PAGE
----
Where the girls are all pretty and the 4X is free
And there's bottles of Bundy growing on every tree
(Chorus)

I don't want a harp or a halo, not me
Just give me a breeze and a good rolling sea
I'll play me old squeezebox as we sail along
With the wind in the rigging to sing me a song
(Chorus)

HTML line breaks added. --JoeClone, 31-May-02.


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Subject: RE: Fiddler's Green
From: Tilell
Date: 16 Jul 97 - 09:56 PM

A group called Schooner Fare does an INCREDIBLE version of this song. . . anyone ever heard it?


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Subject: RE: Fiddler's Green
From: Wolfgang Hell
Date: 17 Jul 97 - 05:42 AM

The origin of this beautiful song? It is English, written in 1966 by John Conolly (the DT's spelling, Connelly, is wrong), member of The Broadside from Grimsby. This group has played tradtional material as well as their own songs not caring much about strict definitions of Folksongs. Conolly and his fellow musician Bill Meek have contributed many fine songs which will find their way into tradition, among others "Grimsby Lads" (they grew up there) and "Men of the Sea". Roy Palmer in the Oxford Book of Sea Songs pays the following tribute to "Fiddler's Green':

"...like Ewan MacColl's 'Shoals of Herring', it is often paid the compliment by those who do not know its origin of being considered traditional. It has travelled all over the world, and is especially popular in Ireland..."

Falling short of the three-generation definiton of a Folksong (see that thread) by two generations (and think that its author, born in 1941, might even still be alive!), it is a song which can be said even now to live in oral tradition for many of the people singing this song have learned it from other people's singing. Within the short time of 30 years this song has travelled from "Fair Isle to Labrador, Bear Isle, and Norway, and cold Greenland shore" to borrow the chorus of another Conolly/Meek song. I guess the author would be proud that one could take his product for a song from Newfoundland.

Yours Wolfgang


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Subject: RE: Fiddler's Green
From: Tim Jaques tjaques@netcom.ca
Date: 18 Jul 97 - 12:03 PM

This is very interesting.

Yes, I have heard of Schooner Fare if it is the same band which used to play in the taverns of Halifax, Nova Scotia in the late 70's. Are they still around?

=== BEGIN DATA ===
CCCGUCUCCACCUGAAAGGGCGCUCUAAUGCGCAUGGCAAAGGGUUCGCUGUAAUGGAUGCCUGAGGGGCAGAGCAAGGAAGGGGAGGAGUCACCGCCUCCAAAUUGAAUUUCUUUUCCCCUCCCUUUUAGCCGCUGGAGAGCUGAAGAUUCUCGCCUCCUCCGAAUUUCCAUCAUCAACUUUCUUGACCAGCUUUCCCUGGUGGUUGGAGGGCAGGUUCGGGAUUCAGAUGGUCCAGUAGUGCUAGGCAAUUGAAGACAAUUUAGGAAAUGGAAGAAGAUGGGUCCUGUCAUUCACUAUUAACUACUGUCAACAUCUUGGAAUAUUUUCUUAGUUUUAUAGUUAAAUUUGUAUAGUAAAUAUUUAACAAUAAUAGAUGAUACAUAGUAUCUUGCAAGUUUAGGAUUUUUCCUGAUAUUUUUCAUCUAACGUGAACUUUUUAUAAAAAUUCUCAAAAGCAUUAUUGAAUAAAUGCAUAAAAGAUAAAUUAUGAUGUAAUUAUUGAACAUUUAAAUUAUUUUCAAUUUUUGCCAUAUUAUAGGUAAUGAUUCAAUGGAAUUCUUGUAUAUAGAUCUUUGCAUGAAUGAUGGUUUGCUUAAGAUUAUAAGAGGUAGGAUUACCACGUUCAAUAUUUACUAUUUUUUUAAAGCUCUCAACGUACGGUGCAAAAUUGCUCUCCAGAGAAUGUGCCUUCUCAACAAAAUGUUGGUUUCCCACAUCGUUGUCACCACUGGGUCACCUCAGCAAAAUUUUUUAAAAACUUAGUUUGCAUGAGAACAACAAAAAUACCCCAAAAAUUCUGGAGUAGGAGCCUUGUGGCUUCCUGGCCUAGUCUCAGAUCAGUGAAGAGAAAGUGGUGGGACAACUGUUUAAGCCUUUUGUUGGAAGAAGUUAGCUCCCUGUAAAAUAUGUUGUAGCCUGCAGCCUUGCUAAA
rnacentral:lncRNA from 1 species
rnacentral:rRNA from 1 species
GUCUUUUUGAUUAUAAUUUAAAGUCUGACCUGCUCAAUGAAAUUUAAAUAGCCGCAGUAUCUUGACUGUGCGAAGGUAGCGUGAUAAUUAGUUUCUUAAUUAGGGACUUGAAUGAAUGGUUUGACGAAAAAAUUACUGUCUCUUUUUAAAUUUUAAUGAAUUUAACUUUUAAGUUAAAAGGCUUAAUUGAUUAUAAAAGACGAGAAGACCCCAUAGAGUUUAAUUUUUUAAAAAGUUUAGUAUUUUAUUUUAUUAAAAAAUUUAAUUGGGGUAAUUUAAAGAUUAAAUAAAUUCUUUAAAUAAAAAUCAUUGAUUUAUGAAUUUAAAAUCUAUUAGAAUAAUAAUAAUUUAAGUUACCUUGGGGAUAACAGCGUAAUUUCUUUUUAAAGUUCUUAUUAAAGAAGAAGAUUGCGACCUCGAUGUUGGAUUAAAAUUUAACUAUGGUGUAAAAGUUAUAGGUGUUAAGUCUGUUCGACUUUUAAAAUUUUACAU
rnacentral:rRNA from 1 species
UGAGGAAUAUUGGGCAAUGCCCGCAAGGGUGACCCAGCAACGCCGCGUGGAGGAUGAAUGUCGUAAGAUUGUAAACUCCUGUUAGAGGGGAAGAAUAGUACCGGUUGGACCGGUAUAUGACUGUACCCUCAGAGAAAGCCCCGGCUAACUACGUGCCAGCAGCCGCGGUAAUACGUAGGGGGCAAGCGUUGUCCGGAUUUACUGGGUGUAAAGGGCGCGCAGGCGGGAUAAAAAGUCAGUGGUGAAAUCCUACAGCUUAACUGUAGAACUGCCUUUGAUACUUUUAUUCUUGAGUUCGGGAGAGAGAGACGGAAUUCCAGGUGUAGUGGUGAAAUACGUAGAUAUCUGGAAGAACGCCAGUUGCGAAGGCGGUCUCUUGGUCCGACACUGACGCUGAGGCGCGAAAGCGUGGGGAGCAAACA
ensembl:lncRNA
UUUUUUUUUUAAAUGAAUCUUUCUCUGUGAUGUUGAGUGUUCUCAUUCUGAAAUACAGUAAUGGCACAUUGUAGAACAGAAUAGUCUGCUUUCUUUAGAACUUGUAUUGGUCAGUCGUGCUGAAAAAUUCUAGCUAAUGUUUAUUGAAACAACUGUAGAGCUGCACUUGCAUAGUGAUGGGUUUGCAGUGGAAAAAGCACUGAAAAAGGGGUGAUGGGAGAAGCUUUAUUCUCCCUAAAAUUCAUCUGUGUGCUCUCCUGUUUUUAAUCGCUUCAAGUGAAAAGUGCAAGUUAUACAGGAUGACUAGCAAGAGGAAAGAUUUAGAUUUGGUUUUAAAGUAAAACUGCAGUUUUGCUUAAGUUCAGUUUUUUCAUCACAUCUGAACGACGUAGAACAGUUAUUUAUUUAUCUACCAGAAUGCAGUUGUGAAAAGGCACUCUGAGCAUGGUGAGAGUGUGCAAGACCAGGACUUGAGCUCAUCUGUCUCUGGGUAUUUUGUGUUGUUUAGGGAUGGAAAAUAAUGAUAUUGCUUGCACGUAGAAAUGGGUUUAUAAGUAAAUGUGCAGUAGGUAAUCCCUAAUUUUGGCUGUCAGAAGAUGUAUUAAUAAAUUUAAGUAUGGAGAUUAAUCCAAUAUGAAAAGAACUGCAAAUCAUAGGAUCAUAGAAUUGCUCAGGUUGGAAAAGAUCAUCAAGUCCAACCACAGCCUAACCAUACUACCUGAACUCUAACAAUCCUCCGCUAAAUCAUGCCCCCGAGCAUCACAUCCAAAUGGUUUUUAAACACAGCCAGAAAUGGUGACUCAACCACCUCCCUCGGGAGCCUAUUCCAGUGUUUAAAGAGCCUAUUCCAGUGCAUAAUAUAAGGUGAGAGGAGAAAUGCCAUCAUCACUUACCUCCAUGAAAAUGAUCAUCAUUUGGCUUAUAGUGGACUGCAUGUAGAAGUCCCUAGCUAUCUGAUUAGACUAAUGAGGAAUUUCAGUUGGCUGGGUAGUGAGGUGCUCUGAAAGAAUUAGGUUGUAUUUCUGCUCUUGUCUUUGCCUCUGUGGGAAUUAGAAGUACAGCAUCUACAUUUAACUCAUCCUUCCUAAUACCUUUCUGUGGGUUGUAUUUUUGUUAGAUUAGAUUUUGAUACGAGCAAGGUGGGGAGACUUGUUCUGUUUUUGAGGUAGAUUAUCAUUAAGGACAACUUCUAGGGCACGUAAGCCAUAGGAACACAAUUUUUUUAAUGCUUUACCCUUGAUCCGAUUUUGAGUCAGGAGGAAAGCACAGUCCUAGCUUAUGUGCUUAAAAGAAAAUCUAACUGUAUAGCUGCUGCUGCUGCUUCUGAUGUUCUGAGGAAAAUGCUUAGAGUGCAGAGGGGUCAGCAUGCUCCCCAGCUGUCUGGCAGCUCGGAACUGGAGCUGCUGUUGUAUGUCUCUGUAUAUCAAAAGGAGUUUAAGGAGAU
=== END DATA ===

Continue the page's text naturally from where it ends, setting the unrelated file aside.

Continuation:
The verson of the song posted here is not quite the one I know, but I thank you for the variant. The version sung by Archie Fisher is identical to the version sung in eastern Canada.

I didn't know it was authored as recently as the 60's. However now that you mention it I have never seen it in any collection of traditional ballads.


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Subject: RE: Fiddler's Green
From: Barry Finn
Date: 19 Jul 97 - 05:48 PM

Schooner Fare is still around, preforming mostly in the nor'east part of the US. McColl has penned a number of songs that are taken as traditional, & one of his own that he picked up while collecting, don't recall which one. He wrote many for his BBC radio ballad series of the 50's. Maybe someone else can give more info here. Barry


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Subject: RE: Fiddler's Green
From: Sam Hudson
Date: 24 Jul 97 - 12:01 PM

John Conolly did indeed write the song, and is still alive and well, and still singing it! He's working with a new band called Donkey's Breakfast. They've been going around the club and festival circuit in England and he's still writing good songs. I've met him a number of times - a very nice man and very modest about the success of his songs.


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Subject: RE: Fiddler's Green
From: dick greenhaus
Date: 24 Jul 97 - 03:46 PM

Sam Hudson- If you encounter Mr Connolly, could you ask him to contact me at digitrad@world.std.com, or forward some address at which I could reach him? I'd like to request formal permission to include his song (which I think is one of the very few recently-composed songs that I'd associate with the word great). Thanx.